All of Wanda’s pieces possess an educational yet transgressive elements. She praises her people while also challenging stereotypes about them and by them. One of the other ways in which she does that beyond the Wepa Woman series is through her web series, Ask Chuleta. In this series, Wanda plays Chuleta, a Puerto Rican girl who used to be “gangsta” but started going to museums and studying art. She dons a doobie (well before Rihanna made it fashionable at the 2013 American Music Awards) and huge hoop earrings. The character, and one can imagine the artist herself, talks about issues in contemporary art. She teaches her viewers, who she says are people like her, about artists they should know like Pollock and Frida Kahlo as well as terms such as post-modernism and appropriation. Her ensemble itself defies predetermined ideas of who is and isn’t allowed to talk and know about art. Artist and character meld into one, as Wanda speaks her intentions through Chuleta, saying that she aims “to bridge the gap between the art world and everyday people.”
Wanda’s social comments are headstrong and unapologetic. In fact, on her website, she says, “[t]he work I make isn’t exactly for everyone. Or maybe it is. Maybe it’s just the idea that the “everyone” that I’m talking about is not the “everyone” that is counted as important. Maybe it’s because I’ve made work about the folks we don’t see…”
This theme of exposing the unseen shines bright in her most recent work, Reinas. Both a performance and a series of photographs, Reinas provides a new outlet for Wanda to expose and explore her personal fears and anxieties. Suited up as a “Warrior Queen,” and sometimes as a porcelain doll, the majestic prototypes she creates represent her internal psyche. In one photograph, the Warrior Queen is alone in the woods charging forward with a protective shield although there is no visible threat. She has also performed as a pregnant porcelain doll at the Museum of Contemporary Art North Miami. In bubble wrap, she was taken care of by women who on their hands and knees served her food and even bowed to her. The series depicts her efforts to comprehend the qualms of her mind and her attempts to respect their existence.
Click on the photo for additional images
No matter what detractors may say though, it’s evident that Wanda’s art appeals to many and not just Puerto Ricans. Her story and that of many Latinas in the United States is reaching audiences across the nation and the globe. Wanda has shown her work at the PS1/MoMa, the North Carolina Museum of Art and the HYBRIDARTS/FUSE BOX Festival in Austin, Texas. It has also been exhibited across the globe, from South Korea, to Egypt, to Australia. (And those are just a few.)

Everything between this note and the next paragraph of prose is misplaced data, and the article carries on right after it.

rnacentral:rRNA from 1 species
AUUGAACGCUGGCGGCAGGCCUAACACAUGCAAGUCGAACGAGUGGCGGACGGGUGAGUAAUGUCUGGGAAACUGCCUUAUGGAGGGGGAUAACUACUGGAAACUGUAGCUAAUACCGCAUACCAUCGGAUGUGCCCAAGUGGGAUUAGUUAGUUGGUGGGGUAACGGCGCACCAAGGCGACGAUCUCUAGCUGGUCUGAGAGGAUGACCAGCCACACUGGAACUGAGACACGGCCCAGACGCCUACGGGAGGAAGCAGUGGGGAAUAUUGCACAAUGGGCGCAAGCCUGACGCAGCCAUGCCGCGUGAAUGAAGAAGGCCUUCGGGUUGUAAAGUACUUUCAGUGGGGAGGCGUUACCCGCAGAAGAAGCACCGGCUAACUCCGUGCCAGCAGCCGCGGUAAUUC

Wanda’s adventures in New York and around the world have allowed the artist to not tell a one dimensional story but a transnational narrative. She took a leap of faith when the opportunity to teach as a professor in the School of Visual Arts & Design at the University of Central Florida came knocking on her door. Today she says that the move has allowed her to escape the chaotic nature of New York and to really think and reflect on her work more deeply, “I realized that living in New York City and creating works that are supposed to speak to a national Latina experience was nearly impossible to do, because New York City is an entity unto itself and unlike any other experience in the country. This is not to say that the Nuyorican latina experience isn't ripe with things to draw from, but my time in Florida and, subsequently, around the nation, suggests a very different experience- one that is, at times, lonelier, more isolated culturally. I am still working it all out among my motley crew of Pan Latina colleagues.”
Each year as the winters get colder and living expenses rise higher, Wanda comments that Florida is appealing more and more Puerto Ricans in New York and the mainland to make the move. It tells one background story as to why the number of Puerto Ricans in Florida is expected to exceed the number of Cubans in Florida by the end of 2020. As of now Orlando has the biggest Puerto Rican community, “It's an exciting time to be in Orlando. There IS an art scene beginning to flesh itself out here and Atlantic Center for the Arts is pretty close, so there are nuggets of goodness for professional artists to enjoy. “
All of Wanda’s projects are ongoing and the status of her Wepa Woman series is “TOP SECRET,” but she is currently working on expanding her Reinas’ performances and looks forward to one day turning it into a collaborative piece. Wanda declares “I still have a few chapters left in me!”
The Arts Section of the New York Times reviewed Wanda once declaring, “You’ve got to admire Wanda Raimundi-Ortiz…she continues to make angry, difficult but also poignant and occasionally riotously funny works about being a Latina in the United States. Hers is art with something to say…This is a quality anyone, of any background or education, can appreciate.” But Wanda makes more than just a statement. She ignites her audiences and her people to listen, to think, and then to re-invent expectations, make themselves seen, and to be more than anyone could ever imagine of them. Not bad for a Nuyorican book worm, “When the work is finally coming together, it’s a very restful place,” says Wanda, “The vision that I have for the work and watching them crystallize is very rewarding.”
© Center for Puerto Rican Studies. Published in Centro Voices on 8 May 2015.
Hero Image from the Reinas Series by the artist.